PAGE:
34. Caregivers of Long-Term Survivors

  1. Bipin N Savani MD
  1. Elizabeth Wulff-Burchfield

Published Online: 6 SEP 2013

DOI: 10.1002/9781118473306.ch34

Blood and Marrow Transplantation Long-Term Management: Prevention and Complications

Blood and Marrow Transplantation Long-Term Management: Prevention and Complications

How to Cite

Wulff-Burchfield, E. (2013) Caregivers of Long-Term Survivors, in Blood and Marrow Transplantation Long-Term Management: Prevention and Complications (ed B. N. Savani), John Wiley & Sons, Ltd, Oxford, UK. doi: 10.1002/9781118473306.ch34

Editor Information

  1. Professor of Medicine,Director, Long Term Transplant Clinic, Hematology and Stem Cell Transplantation Section, Vanderbilt University Medical Center, Nashville, TN, USA

Author Information

  1. Division of Hematology/Oncology, Department of Medicine, Vanderbilt University Hospital, Nashville, TN, USA

Publication History

  1. Published Online: 6 SEP 2013
  2. Published Print: 1 OCT 2013

ISBN Information

Print ISBN: 9781118473405

Online ISBN: 9781118473306

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Keywords:

  • allogeneic hematopoietic stem cell transplantation;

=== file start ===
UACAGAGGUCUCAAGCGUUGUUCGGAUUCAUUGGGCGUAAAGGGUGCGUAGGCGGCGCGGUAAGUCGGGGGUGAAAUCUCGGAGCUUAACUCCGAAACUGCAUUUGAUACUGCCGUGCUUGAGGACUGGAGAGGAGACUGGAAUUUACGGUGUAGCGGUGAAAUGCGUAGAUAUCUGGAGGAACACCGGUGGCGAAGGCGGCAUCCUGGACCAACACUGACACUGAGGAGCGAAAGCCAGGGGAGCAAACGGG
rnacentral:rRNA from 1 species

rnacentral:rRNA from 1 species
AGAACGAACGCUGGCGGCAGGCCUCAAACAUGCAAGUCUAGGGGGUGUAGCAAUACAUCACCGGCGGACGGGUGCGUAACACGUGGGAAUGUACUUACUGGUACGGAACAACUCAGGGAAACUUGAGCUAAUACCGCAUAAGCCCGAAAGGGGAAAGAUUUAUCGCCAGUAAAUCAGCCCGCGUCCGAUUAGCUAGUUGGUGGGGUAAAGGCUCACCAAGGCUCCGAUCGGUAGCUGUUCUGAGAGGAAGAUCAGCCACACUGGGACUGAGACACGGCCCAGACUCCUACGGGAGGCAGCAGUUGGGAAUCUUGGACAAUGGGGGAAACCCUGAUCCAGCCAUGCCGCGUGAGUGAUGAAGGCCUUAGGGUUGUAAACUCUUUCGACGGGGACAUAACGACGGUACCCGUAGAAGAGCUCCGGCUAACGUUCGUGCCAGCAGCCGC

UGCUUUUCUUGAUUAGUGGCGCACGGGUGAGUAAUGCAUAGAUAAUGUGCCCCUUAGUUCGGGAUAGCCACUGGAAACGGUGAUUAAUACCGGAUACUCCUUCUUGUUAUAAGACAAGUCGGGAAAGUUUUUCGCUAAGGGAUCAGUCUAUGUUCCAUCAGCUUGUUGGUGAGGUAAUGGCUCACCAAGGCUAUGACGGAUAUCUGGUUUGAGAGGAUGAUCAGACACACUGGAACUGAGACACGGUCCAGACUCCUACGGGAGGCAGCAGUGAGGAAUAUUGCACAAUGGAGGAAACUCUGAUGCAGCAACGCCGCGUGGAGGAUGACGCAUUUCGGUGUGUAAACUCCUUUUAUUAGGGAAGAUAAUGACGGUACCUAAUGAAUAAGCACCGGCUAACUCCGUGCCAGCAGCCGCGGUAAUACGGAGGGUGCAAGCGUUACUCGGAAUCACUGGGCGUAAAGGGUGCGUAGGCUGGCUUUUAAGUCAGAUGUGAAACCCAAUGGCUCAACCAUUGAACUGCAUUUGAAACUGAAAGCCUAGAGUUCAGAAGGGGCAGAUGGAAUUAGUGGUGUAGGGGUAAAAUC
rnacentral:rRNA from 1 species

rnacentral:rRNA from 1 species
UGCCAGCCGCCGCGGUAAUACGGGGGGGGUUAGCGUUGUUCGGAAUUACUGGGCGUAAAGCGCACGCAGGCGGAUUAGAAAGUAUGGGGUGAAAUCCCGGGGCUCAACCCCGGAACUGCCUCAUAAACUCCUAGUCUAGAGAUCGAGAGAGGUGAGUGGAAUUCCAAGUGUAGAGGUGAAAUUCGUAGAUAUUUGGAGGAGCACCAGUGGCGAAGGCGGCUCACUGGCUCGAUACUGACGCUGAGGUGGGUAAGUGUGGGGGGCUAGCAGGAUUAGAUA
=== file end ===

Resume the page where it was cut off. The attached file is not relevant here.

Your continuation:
• caregiver;
  • distress;
  • burden;
  • quality of life

Summary

Hematopoietic stem cell transplantation (HSCT) is a unique and demanding process with notable morbidity for both the transplant recipient and their caregiver. These caregivers frequently experience distress, as manifested in physical and mental symptoms, as well as strain to their marital relationships, family roles, and finances. Female caregivers experience more frequent and severe psychological symptoms, although the nature of this gender-based difference is unclear. There are multiple assessment tools that can gauge the mental state and health of these caregivers, and, while it has not been demonstrated to date, caregiver distress is strongly suspected to impact HSCT patient health and outcomes.